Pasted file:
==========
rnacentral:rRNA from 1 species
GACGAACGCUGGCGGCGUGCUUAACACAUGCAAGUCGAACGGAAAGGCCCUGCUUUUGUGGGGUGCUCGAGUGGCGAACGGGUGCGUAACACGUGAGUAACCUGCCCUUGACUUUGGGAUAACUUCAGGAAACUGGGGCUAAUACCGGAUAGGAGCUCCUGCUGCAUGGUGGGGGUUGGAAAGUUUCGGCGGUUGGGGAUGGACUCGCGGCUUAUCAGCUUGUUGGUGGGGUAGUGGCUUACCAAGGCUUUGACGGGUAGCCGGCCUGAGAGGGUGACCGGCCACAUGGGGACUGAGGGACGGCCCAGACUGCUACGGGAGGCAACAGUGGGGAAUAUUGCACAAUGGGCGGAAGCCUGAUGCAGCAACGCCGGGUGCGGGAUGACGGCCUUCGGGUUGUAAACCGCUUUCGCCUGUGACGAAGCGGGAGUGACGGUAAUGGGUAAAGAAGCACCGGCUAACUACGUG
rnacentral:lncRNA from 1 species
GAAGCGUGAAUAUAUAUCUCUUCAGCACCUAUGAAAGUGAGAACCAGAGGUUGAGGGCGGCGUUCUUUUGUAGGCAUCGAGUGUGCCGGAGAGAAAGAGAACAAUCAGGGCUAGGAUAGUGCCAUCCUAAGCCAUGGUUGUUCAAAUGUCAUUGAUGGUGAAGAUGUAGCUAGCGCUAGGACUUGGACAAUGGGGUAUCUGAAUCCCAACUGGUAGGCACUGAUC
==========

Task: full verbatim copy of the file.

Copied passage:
rnacentral:rRNA from 1 species
GACGAACGCUGGCGGCGUGCUUAACACAUGCAAGUCGAACGGAAAGGCCCUGCUUUUGUGGGGUGCUCGAGUGGCGAACGGGUGCGUAACACGUGAGUAACCUGCCCUUGACUUUGGGAUAACUUCAGGAAACUGGGGCUAAUACCGGAUAGGAGCUCCUGCUGCAUGGUGGGGGUUGGAAAGUUUCGGCGGUUGGGGAUGGACUCGCGGCUUAUCAGCUUGUUGGUGGGGUAGUGGCUUACCAAGGCUUUGACGGGUAGCCGGCCUGAGAGGGUGACCGGCCACAUGGGGACUGAGGGACGGCCCAGACUGCUACGGGAGGCAACAGUGGGGAAUAUUGCACAAUGGGCGGAAGCCUGAUGCAGCAACGCCGGGUGCGGGAUGACGGCCUUCGGGUUGUAAACCGCUUUCGCCUGUGACGAAGCGGGAGUGACGGUAAUGGGUAAAGAAGCACCGGCUAACUACGUG
rnacentral:lncRNA from 1 species
GAAGCGUGAAUAUAUAUCUCUUCAGCACCUAUGAAAGUGAGAACCAGAGGUUGAGGGCGGCGUUCUUUUGUAGGCAUCGAGUGUGCCGGAGAGAAAGAGAACAAUCAGGGCUAGGAUAGUGCCAUCCUAAGCCAUGGUUGUUCAAAUGUCAUUGAUGGUGAAGAUGUAGCUAGCGCUAGGACUUGGACAAUGGGGUAUCUGAAUCCCAACUGGUAGGCACUGAUC